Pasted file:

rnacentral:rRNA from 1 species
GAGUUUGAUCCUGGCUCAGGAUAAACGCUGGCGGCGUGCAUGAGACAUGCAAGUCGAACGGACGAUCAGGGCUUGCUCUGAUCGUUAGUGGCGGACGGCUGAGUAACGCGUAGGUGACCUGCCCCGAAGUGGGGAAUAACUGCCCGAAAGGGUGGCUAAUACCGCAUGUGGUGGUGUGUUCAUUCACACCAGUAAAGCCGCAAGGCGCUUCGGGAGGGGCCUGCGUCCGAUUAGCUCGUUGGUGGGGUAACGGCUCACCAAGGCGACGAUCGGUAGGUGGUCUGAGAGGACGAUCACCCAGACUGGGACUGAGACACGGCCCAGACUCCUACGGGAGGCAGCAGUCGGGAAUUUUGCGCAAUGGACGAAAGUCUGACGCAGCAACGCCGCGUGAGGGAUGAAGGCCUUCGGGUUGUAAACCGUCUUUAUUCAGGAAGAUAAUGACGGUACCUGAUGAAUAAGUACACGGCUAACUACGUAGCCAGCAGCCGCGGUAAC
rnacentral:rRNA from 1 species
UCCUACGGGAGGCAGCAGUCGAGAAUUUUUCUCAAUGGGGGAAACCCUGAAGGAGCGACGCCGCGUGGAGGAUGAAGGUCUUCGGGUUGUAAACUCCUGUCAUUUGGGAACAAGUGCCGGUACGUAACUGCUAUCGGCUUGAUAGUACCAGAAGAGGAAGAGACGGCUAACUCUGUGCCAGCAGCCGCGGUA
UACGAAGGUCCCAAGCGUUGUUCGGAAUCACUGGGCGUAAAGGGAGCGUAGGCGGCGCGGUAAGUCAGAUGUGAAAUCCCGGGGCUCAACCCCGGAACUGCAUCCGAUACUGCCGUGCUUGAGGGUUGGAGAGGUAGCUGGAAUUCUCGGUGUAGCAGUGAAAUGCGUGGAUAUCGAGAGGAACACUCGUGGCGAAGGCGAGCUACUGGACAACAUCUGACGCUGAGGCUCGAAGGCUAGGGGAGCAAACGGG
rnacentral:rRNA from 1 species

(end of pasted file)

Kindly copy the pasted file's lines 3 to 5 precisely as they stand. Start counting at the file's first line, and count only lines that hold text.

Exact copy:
rnacentral:rRNA from 1 species
UCCUACGGGAGGCAGCAGUCGAGAAUUUUUCUCAAUGGGGGAAACCCUGAAGGAGCGACGCCGCGUGGAGGAUGAAGGUCUUCGGGUUGUAAACUCCUGUCAUUUGGGAACAAGUGCCGGUACGUAACUGCUAUCGGCUUGAUAGUACCAGAAGAGGAAGAGACGGCUAACUCUGUGCCAGCAGCCGCGGUA
UACGAAGGUCCCAAGCGUUGUUCGGAAUCACUGGGCGUAAAGGGAGCGUAGGCGGCGCGGUAAGUCAGAUGUGAAAUCCCGGGGCUCAACCCCGGAACUGCAUCCGAUACUGCCGUGCUUGAGGGUUGGAGAGGUAGCUGGAAUUCUCGGUGUAGCAGUGAAAUGCGUGGAUAUCGAGAGGAACACUCGUGGCGAAGGCGAGCUACUGGACAACAUCUGACGCUGAGGCUCGAAGGCUAGGGGAGCAAACGGG